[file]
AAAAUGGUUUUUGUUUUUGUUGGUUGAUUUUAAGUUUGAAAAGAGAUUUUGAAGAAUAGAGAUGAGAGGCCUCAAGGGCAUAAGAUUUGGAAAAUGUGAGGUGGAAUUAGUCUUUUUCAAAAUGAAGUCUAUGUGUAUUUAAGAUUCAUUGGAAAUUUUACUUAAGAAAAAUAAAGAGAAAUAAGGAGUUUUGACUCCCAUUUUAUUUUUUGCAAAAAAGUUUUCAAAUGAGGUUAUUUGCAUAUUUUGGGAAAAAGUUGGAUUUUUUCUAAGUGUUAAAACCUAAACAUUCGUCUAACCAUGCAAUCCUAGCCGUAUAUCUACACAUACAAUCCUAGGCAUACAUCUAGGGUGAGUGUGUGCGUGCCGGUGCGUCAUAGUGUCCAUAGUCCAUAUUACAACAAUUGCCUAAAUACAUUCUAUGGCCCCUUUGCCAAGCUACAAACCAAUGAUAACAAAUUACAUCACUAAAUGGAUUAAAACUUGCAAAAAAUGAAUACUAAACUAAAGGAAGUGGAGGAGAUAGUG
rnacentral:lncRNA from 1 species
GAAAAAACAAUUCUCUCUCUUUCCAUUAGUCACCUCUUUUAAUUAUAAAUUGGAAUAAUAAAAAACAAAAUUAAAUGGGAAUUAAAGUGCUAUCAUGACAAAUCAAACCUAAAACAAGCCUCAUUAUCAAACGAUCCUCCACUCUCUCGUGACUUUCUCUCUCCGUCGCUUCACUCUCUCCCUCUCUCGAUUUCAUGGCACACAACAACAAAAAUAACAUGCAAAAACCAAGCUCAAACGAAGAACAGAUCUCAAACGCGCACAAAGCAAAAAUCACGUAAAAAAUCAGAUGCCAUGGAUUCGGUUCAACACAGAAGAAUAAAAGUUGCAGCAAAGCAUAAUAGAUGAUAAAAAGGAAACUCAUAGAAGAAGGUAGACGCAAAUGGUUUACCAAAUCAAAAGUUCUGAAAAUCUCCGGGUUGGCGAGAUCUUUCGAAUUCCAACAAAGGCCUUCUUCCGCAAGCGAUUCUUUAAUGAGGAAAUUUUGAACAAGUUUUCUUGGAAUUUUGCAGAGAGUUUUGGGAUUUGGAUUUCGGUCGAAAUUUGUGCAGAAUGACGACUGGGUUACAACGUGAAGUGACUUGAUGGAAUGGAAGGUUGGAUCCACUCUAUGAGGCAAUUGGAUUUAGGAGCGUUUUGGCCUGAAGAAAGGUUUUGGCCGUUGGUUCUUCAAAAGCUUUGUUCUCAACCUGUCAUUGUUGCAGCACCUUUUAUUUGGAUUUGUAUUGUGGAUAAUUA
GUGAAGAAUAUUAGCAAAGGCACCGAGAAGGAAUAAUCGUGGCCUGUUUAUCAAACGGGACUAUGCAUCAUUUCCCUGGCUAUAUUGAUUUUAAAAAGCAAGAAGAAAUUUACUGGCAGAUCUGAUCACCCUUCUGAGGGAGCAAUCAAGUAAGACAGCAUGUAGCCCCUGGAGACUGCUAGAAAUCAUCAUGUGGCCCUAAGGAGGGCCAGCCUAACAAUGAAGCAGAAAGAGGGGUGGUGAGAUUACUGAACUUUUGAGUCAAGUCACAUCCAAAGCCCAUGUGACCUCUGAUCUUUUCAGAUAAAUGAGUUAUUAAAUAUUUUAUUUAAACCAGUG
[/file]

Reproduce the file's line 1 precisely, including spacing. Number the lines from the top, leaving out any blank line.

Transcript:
AAAAUGGUUUUUGUUUUUGUUGGUUGAUUUUAAGUUUGAAAAGAGAUUUUGAAGAAUAGAGAUGAGAGGCCUCAAGGGCAUAAGAUUUGGAAAAUGUGAGGUGGAAUUAGUCUUUUUCAAAAUGAAGUCUAUGUGUAUUUAAGAUUCAUUGGAAAUUUUACUUAAGAAAAAUAAAGAGAAAUAAGGAGUUUUGACUCCCAUUUUAUUUUUUGCAAAAAAGUUUUCAAAUGAGGUUAUUUGCAUAUUUUGGGAAAAAGUUGGAUUUUUUCUAAGUGUUAAAACCUAAACAUUCGUCUAACCAUGCAAUCCUAGCCGUAUAUCUACACAUACAAUCCUAGGCAUACAUCUAGGGUGAGUGUGUGCGUGCCGGUGCGUCAUAGUGUCCAUAGUCCAUAUUACAACAAUUGCCUAAAUACAUUCUAUGGCCCCUUUGCCAAGCUACAAACCAAUGAUAACAAAUUACAUCACUAAAUGGAUUAAAACUUGCAAAAAAUGAAUACUAAACUAAAGGAAGUGGAGGAGAUAGUG